Tuesday, 8 May 2012


Filmmaker extraordinarire.  

One of the main characters in Martin Scorsese’s first ‘family’ film is the French illusionist and filmmaker Georges Melies famous for many technical and narrative developments in the earliest days of cinema. Hugo (2011) based on The Invention of Hugo Cabret, half picture book, half novel by American illustrator and writer Brian Selznick, also features references to the Lumiere Brothers two Frenchman that were also among the earliest filmmakers.

Hugo with the old toy repairer.

Scorsese’s part fantasy, part tutorial involves a young boy Hugo Cabret played by Asa Butterfield (Son of Rambo 2007, The Boy in the Stripped Pyjamas 2008) who we find living in the walls of the Paris Montparnasse railway station. With the use of flashbacks we find out the boys father (Jude Law) has been killed in a horrendous fire in the museum where he worked. The orphan is then taken under the wing of his drunken Uncle Claude (Ray Winstone) who maintains the clocks at the railway station. When Claude disappears Hugo takes over his uncles responsibilities. The only keepsakes that Hugo has of his fathers are an illustrated notebook and a clockwork robot, which apparently hides a secret. When he clashes with the proprietor of a toy sales and repair shop Georges (Ben Kingsley) and his goddaughter Isabelle (Chloe Grace Moretz) he begins an adventure of discovery.

Hugo and Isabelle at the cinema.

This film is a defense of the cinema as a dream world, something I don’t always agree with, but with Scorsese I’m prepared to give him the benefit of the doubt. He is a filmmaker that constructs classic movies, including Taxi Driver (1976), Raging Bull (1980) Good Fellows (1990), Casino (1995) and The Departed (2006) and some great documentary’s for example The Last Waltz (1978), No Direction Home (2005) Shine a Light (2008) and George Harrison: Living in a Material World (2011). He is also a man that’s proved his personal interest in the world of film, founding both the Film Foundation, a non-profit organization dedicated to film preservation, and the World Cinema Foundation, which is devoted to the preservation and restoration of neglected world cinema.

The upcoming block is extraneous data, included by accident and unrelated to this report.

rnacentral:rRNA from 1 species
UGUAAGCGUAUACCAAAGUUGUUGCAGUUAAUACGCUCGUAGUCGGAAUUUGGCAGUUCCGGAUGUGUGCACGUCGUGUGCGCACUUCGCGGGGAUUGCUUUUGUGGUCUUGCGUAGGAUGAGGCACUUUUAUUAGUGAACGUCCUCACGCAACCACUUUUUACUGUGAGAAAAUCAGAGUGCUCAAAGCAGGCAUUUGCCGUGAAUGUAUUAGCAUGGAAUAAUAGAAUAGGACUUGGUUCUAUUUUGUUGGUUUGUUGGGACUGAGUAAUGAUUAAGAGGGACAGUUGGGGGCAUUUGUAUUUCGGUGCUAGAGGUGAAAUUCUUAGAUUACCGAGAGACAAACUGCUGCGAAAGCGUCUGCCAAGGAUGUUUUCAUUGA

Hugo and his father work on their robot.

Hugo is not classic Martin Scorsese but one its obvious he enjoyed making and I would challenge you to find a better opening shot where the camera takes you on a brilliant roller coaster ride. Certainly a story of two parts, when first watching your led to believe it’s a story of a 12 year old boy and his mysterious robot but its not long before you relies that you are being given a history lesson about the early days of film and cinema. Its well deserving of its five Oscars including Best Cinematography for Robert Richardson whose pedigree includes working not only for Scorsese but Oliver Stone and Quentin Tarantino, Best Art Direction and Best Visual Effects. Entertaining, good to look at and well acted, with some very well known performers in what can only be described as cameo roles.

A famous image of early cinema.

No comments:

Post a Comment